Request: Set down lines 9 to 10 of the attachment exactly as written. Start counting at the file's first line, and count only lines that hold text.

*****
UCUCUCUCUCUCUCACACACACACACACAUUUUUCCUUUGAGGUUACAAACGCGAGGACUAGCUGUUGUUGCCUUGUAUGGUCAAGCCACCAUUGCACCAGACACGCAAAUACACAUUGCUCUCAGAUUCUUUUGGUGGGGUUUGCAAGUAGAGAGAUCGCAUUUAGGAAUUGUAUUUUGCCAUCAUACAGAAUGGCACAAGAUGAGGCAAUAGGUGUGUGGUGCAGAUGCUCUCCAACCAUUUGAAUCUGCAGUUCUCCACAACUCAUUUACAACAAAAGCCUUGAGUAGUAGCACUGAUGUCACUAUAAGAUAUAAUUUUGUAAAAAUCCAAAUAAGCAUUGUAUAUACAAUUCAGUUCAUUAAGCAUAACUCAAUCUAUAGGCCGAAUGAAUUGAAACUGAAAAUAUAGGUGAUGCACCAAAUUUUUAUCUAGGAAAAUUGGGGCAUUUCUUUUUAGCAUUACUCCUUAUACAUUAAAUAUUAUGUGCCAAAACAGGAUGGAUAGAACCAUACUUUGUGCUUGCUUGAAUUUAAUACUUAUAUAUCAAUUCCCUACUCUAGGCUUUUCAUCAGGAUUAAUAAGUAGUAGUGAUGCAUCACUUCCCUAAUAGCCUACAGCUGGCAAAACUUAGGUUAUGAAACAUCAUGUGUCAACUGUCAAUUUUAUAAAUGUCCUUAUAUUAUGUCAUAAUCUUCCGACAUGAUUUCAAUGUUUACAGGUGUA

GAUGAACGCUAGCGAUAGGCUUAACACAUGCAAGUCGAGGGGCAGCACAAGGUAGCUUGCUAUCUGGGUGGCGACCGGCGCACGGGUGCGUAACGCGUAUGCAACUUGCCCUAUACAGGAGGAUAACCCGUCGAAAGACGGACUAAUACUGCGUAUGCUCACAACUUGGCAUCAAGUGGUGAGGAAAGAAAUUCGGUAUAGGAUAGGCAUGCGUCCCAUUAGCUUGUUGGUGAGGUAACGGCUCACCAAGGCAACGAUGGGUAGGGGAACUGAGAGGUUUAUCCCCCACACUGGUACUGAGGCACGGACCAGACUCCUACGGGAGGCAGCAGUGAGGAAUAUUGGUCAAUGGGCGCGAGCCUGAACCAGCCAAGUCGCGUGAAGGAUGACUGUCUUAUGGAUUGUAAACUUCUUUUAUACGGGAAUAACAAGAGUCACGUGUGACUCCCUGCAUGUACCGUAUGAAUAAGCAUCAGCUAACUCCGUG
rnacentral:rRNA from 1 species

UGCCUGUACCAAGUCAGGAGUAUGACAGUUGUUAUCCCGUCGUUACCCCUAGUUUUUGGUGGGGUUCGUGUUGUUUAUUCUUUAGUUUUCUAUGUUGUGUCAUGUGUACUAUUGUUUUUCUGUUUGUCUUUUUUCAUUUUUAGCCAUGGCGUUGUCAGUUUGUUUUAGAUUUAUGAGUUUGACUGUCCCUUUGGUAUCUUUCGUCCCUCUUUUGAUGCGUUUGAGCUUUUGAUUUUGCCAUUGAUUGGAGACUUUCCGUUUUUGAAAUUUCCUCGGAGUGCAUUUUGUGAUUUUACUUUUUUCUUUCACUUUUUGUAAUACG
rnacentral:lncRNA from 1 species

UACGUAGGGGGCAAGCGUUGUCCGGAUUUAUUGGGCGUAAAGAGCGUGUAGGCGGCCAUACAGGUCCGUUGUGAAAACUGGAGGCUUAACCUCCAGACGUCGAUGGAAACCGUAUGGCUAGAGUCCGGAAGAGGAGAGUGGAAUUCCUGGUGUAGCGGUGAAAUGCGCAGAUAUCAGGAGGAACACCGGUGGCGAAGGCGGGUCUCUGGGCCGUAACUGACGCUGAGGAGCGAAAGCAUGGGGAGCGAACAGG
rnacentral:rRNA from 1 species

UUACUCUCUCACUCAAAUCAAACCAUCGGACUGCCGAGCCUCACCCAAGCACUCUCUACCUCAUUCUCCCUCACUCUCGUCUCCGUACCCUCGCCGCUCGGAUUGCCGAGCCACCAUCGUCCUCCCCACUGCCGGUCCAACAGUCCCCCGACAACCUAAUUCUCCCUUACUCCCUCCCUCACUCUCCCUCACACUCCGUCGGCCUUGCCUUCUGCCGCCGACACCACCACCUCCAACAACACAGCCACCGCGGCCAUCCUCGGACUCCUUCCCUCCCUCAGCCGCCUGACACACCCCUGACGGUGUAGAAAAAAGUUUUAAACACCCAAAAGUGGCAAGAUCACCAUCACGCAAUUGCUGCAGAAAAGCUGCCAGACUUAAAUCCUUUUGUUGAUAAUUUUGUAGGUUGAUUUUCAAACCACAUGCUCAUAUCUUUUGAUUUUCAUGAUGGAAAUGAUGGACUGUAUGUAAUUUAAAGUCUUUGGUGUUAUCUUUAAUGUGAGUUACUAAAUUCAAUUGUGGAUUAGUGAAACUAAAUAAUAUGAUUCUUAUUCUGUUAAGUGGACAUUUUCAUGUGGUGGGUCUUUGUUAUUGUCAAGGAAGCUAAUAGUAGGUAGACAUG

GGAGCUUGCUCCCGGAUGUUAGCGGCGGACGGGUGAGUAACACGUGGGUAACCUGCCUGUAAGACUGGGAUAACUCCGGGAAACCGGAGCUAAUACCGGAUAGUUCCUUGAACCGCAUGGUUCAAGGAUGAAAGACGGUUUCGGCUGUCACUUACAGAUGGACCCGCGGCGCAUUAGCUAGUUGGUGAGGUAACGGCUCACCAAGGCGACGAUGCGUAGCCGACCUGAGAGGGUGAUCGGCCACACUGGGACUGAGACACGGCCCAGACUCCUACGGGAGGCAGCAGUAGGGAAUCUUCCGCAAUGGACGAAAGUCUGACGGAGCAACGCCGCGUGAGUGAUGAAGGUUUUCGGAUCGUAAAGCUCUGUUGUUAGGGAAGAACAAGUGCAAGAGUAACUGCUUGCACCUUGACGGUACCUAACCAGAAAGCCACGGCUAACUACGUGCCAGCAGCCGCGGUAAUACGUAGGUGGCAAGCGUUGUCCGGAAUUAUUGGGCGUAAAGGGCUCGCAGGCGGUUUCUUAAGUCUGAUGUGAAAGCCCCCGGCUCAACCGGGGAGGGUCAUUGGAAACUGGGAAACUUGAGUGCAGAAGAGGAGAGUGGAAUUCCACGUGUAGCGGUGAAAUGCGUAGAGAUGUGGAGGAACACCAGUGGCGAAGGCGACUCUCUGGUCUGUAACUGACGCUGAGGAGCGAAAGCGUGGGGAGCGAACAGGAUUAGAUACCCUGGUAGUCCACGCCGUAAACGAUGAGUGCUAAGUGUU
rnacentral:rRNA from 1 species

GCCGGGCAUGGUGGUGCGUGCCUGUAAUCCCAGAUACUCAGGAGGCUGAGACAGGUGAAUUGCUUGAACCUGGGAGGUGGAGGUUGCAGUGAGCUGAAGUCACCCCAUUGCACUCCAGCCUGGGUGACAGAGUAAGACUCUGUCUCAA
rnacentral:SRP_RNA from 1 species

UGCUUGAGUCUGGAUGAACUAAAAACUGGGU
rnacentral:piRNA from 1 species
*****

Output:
GGAGCUUGCUCCCGGAUGUUAGCGGCGGACGGGUGAGUAACACGUGGGUAACCUGCCUGUAAGACUGGGAUAACUCCGGGAAACCGGAGCUAAUACCGGAUAGUUCCUUGAACCGCAUGGUUCAAGGAUGAAAGACGGUUUCGGCUGUCACUUACAGAUGGACCCGCGGCGCAUUAGCUAGUUGGUGAGGUAACGGCUCACCAAGGCGACGAUGCGUAGCCGACCUGAGAGGGUGAUCGGCCACACUGGGACUGAGACACGGCCCAGACUCCUACGGGAGGCAGCAGUAGGGAAUCUUCCGCAAUGGACGAAAGUCUGACGGAGCAACGCCGCGUGAGUGAUGAAGGUUUUCGGAUCGUAAAGCUCUGUUGUUAGGGAAGAACAAGUGCAAGAGUAACUGCUUGCACCUUGACGGUACCUAACCAGAAAGCCACGGCUAACUACGUGCCAGCAGCCGCGGUAAUACGUAGGUGGCAAGCGUUGUCCGGAAUUAUUGGGCGUAAAGGGCUCGCAGGCGGUUUCUUAAGUCUGAUGUGAAAGCCCCCGGCUCAACCGGGGAGGGUCAUUGGAAACUGGGAAACUUGAGUGCAGAAGAGGAGAGUGGAAUUCCACGUGUAGCGGUGAAAUGCGUAGAGAUGUGGAGGAACACCAGUGGCGAAGGCGACUCUCUGGUCUGUAACUGACGCUGAGGAGCGAAAGCGUGGGGAGCGAACAGGAUUAGAUACCCUGGUAGUCCACGCCGUAAACGAUGAGUGCUAAGUGUU
rnacentral:rRNA from 1 species